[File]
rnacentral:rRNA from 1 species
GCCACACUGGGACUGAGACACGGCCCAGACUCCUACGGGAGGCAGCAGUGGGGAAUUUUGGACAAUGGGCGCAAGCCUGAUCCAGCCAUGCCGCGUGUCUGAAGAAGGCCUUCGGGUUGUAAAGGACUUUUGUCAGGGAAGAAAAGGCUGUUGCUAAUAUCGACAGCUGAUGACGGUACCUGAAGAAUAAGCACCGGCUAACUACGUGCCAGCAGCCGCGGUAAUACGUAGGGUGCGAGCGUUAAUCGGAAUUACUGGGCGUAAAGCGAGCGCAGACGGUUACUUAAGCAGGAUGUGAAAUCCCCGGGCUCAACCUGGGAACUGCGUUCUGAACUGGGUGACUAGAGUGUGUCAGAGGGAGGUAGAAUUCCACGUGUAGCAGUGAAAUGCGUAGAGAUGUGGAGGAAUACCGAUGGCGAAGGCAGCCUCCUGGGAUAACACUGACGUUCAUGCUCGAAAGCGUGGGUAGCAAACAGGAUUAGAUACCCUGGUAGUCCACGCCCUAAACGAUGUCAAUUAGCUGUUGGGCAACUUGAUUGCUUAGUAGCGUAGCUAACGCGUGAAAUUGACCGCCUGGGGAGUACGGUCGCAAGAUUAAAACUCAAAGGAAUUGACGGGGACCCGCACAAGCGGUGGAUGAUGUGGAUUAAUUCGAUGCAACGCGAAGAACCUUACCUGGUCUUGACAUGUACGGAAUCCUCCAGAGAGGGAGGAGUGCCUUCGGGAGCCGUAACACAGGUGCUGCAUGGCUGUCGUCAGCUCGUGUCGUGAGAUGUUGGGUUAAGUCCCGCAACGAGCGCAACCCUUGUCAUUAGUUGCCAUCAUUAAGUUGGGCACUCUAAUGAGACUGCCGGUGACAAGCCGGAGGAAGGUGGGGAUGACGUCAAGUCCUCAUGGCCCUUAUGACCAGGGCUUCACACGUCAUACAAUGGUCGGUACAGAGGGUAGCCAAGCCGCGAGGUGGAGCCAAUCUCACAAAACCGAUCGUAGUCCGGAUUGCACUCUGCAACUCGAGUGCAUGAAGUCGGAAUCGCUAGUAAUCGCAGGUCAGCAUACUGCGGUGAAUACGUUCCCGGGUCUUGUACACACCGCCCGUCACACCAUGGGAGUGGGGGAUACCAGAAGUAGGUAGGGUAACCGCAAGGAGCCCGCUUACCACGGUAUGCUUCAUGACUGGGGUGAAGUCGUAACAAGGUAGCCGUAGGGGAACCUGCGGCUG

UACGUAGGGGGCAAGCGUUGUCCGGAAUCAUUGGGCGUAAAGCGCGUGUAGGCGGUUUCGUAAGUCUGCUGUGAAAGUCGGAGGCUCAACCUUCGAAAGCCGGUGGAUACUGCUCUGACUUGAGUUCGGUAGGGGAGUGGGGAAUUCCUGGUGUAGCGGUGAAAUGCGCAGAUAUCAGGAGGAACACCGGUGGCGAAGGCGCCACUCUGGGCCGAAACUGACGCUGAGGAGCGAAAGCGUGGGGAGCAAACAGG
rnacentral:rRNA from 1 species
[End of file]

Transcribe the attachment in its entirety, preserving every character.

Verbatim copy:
rnacentral:rRNA from 1 species
GCCACACUGGGACUGAGACACGGCCCAGACUCCUACGGGAGGCAGCAGUGGGGAAUUUUGGACAAUGGGCGCAAGCCUGAUCCAGCCAUGCCGCGUGUCUGAAGAAGGCCUUCGGGUUGUAAAGGACUUUUGUCAGGGAAGAAAAGGCUGUUGCUAAUAUCGACAGCUGAUGACGGUACCUGAAGAAUAAGCACCGGCUAACUACGUGCCAGCAGCCGCGGUAAUACGUAGGGUGCGAGCGUUAAUCGGAAUUACUGGGCGUAAAGCGAGCGCAGACGGUUACUUAAGCAGGAUGUGAAAUCCCCGGGCUCAACCUGGGAACUGCGUUCUGAACUGGGUGACUAGAGUGUGUCAGAGGGAGGUAGAAUUCCACGUGUAGCAGUGAAAUGCGUAGAGAUGUGGAGGAAUACCGAUGGCGAAGGCAGCCUCCUGGGAUAACACUGACGUUCAUGCUCGAAAGCGUGGGUAGCAAACAGGAUUAGAUACCCUGGUAGUCCACGCCCUAAACGAUGUCAAUUAGCUGUUGGGCAACUUGAUUGCUUAGUAGCGUAGCUAACGCGUGAAAUUGACCGCCUGGGGAGUACGGUCGCAAGAUUAAAACUCAAAGGAAUUGACGGGGACCCGCACAAGCGGUGGAUGAUGUGGAUUAAUUCGAUGCAACGCGAAGAACCUUACCUGGUCUUGACAUGUACGGAAUCCUCCAGAGAGGGAGGAGUGCCUUCGGGAGCCGUAACACAGGUGCUGCAUGGCUGUCGUCAGCUCGUGUCGUGAGAUGUUGGGUUAAGUCCCGCAACGAGCGCAACCCUUGUCAUUAGUUGCCAUCAUUAAGUUGGGCACUCUAAUGAGACUGCCGGUGACAAGCCGGAGGAAGGUGGGGAUGACGUCAAGUCCUCAUGGCCCUUAUGACCAGGGCUUCACACGUCAUACAAUGGUCGGUACAGAGGGUAGCCAAGCCGCGAGGUGGAGCCAAUCUCACAAAACCGAUCGUAGUCCGGAUUGCACUCUGCAACUCGAGUGCAUGAAGUCGGAAUCGCUAGUAAUCGCAGGUCAGCAUACUGCGGUGAAUACGUUCCCGGGUCUUGUACACACCGCCCGUCACACCAUGGGAGUGGGGGAUACCAGAAGUAGGUAGGGUAACCGCAAGGAGCCCGCUUACCACGGUAUGCUUCAUGACUGGGGUGAAGUCGUAACAAGGUAGCCGUAGGGGAACCUGCGGCUG

UACGUAGGGGGCAAGCGUUGUCCGGAAUCAUUGGGCGUAAAGCGCGUGUAGGCGGUUUCGUAAGUCUGCUGUGAAAGUCGGAGGCUCAACCUUCGAAAGCCGGUGGAUACUGCUCUGACUUGAGUUCGGUAGGGGAGUGGGGAAUUCCUGGUGUAGCGGUGAAAUGCGCAGAUAUCAGGAGGAACACCGGUGGCGAAGGCGCCACUCUGGGCCGAAACUGACGCUGAGGAGCGAAAGCGUGGGGAGCAAACAGG
rnacentral:rRNA from 1 species